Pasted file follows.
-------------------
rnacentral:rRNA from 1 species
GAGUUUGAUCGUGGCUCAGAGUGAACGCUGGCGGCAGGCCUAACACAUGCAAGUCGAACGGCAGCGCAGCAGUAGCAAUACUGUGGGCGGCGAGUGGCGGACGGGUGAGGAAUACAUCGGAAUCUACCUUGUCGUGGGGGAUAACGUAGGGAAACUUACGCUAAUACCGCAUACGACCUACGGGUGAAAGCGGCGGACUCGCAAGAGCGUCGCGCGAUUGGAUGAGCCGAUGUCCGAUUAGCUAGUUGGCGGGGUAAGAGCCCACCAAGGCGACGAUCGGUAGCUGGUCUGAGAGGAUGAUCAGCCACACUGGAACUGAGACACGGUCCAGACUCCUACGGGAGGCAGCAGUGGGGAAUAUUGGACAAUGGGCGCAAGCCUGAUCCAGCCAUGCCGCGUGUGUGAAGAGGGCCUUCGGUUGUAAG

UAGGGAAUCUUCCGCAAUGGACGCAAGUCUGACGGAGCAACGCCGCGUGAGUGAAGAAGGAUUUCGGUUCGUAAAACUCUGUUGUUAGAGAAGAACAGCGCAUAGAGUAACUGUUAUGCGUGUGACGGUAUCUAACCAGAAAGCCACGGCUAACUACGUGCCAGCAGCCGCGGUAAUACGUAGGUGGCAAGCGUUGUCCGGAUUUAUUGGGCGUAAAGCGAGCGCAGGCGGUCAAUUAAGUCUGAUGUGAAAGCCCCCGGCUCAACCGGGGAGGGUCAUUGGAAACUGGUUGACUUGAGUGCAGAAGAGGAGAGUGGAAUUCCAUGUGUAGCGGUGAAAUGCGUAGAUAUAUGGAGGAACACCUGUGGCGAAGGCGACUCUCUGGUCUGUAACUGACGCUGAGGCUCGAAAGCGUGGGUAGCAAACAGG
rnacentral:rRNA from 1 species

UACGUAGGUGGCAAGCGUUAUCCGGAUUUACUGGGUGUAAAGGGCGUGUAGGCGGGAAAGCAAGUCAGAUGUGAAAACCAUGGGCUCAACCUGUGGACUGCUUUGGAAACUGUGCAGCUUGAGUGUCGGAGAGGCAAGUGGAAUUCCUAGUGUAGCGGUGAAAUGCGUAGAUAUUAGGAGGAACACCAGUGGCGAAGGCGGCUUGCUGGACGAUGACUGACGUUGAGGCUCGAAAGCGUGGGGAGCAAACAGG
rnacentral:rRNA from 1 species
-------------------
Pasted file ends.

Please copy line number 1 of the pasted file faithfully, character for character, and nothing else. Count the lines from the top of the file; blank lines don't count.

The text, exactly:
rnacentral:rRNA from 1 species